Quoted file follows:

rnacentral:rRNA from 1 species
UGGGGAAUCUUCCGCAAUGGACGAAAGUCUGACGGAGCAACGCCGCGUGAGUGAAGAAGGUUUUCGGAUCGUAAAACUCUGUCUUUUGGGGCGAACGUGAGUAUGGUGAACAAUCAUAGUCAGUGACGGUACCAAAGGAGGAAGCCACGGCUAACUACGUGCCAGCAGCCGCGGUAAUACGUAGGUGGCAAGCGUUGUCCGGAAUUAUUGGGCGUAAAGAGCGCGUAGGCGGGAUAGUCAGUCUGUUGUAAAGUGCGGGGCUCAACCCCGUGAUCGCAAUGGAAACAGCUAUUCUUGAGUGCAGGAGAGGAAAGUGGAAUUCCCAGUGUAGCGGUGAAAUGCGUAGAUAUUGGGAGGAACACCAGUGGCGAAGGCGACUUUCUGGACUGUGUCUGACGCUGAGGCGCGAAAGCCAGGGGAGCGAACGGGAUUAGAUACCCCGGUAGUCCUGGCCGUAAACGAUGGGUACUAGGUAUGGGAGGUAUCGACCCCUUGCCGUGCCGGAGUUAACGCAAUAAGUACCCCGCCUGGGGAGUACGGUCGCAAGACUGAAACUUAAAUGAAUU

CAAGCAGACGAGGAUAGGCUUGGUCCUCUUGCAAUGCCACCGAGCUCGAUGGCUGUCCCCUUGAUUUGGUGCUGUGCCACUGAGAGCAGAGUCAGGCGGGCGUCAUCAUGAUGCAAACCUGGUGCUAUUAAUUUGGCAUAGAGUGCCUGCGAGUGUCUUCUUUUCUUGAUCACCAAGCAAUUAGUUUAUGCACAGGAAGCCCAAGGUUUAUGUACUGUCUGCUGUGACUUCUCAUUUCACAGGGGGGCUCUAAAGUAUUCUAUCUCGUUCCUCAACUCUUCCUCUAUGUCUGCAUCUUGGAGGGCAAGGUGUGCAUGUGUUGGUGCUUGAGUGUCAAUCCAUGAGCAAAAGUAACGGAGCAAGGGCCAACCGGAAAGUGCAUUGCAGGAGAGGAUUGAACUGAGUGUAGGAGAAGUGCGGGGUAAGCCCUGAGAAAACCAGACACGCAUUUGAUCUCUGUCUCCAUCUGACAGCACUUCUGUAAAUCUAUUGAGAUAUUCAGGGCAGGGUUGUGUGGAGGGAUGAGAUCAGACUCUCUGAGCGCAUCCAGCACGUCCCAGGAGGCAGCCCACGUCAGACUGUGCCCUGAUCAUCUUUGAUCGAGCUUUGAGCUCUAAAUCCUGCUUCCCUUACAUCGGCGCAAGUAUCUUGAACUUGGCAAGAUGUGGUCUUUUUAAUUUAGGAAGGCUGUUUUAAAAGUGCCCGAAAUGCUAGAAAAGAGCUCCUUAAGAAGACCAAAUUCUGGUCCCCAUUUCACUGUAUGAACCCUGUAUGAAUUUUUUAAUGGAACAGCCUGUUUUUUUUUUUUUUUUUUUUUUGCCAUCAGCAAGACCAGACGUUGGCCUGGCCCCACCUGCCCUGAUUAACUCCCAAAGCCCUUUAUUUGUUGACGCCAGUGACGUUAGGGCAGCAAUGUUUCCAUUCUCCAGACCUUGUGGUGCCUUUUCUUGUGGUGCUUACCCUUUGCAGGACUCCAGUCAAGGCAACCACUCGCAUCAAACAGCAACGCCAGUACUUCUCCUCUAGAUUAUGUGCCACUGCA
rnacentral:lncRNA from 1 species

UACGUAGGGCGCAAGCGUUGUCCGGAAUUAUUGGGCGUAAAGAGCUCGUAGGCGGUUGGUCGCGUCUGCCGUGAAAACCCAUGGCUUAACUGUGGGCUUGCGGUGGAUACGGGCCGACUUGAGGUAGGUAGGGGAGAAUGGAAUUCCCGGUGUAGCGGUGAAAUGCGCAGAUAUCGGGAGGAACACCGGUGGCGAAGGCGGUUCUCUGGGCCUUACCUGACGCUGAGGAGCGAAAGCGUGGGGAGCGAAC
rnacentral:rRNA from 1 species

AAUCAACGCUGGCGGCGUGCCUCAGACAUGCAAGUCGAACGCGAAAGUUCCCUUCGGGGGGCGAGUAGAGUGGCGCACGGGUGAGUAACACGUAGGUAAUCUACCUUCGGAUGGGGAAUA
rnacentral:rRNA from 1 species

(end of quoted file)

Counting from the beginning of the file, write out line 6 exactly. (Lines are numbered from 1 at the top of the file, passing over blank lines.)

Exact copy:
rnacentral:rRNA from 1 species